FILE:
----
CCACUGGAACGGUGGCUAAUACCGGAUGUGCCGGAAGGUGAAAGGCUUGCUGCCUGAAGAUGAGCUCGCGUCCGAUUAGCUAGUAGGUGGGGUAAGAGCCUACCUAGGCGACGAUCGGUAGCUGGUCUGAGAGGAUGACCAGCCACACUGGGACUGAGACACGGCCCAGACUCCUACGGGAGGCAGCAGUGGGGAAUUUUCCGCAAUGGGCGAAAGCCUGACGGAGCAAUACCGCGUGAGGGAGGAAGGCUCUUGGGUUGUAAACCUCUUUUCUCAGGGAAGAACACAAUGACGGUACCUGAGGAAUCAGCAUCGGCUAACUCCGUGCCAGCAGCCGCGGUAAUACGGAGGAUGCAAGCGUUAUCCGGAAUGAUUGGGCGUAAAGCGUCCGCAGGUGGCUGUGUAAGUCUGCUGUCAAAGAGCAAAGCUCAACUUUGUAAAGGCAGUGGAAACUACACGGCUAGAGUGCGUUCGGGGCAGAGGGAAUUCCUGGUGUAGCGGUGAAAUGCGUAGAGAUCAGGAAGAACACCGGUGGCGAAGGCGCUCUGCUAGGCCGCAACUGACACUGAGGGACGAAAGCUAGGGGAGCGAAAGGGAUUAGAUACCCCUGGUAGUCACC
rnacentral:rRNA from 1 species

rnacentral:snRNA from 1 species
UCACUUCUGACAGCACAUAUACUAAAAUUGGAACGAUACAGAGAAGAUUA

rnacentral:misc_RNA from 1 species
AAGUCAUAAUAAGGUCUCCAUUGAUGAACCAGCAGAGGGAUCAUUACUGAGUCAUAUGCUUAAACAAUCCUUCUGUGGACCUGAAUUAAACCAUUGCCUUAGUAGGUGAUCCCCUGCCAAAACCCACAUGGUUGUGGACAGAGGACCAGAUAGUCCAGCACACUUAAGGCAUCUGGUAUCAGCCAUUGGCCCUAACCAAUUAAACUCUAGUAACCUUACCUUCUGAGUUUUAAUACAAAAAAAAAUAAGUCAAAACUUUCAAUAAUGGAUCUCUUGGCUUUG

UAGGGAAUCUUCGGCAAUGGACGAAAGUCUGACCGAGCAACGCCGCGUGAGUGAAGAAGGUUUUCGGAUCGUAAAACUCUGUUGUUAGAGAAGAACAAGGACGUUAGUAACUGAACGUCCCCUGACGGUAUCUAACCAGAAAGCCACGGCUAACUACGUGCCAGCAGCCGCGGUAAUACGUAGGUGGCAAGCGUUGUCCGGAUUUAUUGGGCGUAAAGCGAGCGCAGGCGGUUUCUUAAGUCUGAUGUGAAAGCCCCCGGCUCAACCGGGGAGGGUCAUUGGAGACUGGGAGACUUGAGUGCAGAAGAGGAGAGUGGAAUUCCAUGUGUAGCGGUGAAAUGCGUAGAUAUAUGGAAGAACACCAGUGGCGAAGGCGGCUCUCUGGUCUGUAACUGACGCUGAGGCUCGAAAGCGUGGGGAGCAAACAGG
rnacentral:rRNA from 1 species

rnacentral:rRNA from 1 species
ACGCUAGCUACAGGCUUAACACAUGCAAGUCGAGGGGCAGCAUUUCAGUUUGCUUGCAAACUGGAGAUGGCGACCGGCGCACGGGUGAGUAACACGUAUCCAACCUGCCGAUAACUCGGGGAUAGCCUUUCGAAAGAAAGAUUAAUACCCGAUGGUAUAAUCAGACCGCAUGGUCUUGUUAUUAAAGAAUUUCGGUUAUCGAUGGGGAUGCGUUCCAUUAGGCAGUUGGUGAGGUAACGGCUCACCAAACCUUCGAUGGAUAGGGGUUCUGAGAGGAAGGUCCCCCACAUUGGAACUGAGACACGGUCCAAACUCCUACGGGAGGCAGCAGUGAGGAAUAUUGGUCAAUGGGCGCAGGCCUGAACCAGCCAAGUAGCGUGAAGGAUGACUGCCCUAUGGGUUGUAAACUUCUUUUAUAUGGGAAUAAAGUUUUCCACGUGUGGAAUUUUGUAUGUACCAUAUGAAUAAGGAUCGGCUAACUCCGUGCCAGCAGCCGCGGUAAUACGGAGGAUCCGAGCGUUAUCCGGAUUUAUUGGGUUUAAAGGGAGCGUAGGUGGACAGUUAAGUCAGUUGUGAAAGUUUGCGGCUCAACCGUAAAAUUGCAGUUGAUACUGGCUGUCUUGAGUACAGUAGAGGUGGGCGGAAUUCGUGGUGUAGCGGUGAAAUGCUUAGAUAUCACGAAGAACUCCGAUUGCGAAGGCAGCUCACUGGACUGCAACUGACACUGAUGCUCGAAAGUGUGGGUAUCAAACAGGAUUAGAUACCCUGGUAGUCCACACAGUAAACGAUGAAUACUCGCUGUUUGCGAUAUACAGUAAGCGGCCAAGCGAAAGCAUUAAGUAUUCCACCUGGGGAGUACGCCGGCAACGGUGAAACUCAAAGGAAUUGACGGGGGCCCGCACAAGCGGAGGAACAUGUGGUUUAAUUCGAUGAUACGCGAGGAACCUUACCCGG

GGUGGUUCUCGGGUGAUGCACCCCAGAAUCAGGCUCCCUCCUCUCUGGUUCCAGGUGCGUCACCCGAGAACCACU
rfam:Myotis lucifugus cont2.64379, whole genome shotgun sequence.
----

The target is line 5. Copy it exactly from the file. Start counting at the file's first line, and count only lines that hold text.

rnacentral:misc_RNA from 1 species